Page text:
For over 100 years, asbestos materials have helped enable success of the railroad industry. Like any other industry that required heat protection for machinery and human life, the railroad industry relied on asbestos for the production of carriages and engine parts, and for insulation protection against heat generated by steam and coal-powered engines.
The railroad industry used asbestos to insulate machinery and pipes throughout the train system, and lined entire passenger cars with asbestos – within walls, ceilings, and in the form of floor tiles.
Many of the parts required for trains to function were also composed of asbestos, including brake shoes and gaskets. The gaskets were often custom cut-to-size by railroad workers, and when asbestos products are cut into, small asbestos fibers are released into the air. These fibers were not only inhaled by the worker doing the cutting, but also by anyone who happened to be in the area.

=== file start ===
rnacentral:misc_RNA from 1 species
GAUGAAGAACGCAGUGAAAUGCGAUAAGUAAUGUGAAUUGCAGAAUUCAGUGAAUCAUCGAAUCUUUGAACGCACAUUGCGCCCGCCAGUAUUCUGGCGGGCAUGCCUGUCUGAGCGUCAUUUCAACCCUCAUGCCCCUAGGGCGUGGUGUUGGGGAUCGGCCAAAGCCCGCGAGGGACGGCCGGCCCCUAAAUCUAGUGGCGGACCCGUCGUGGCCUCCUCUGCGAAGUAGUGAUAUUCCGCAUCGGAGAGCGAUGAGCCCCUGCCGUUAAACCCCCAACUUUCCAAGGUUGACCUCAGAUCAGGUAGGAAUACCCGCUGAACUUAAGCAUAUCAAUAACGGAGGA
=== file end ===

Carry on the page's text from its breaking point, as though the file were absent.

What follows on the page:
Research conducted over the past two decades shows that railroad workers have a considerably higher chance than the general population of developing diseases associated with asbestos exposure including mesothelioma, lung cancer and asbestosis. Given the long latency period of asbestos-related diseases, there remains a very good possibility that thousands of mesothelioma cases have yet to emerge for those who worked within the railroad system of America.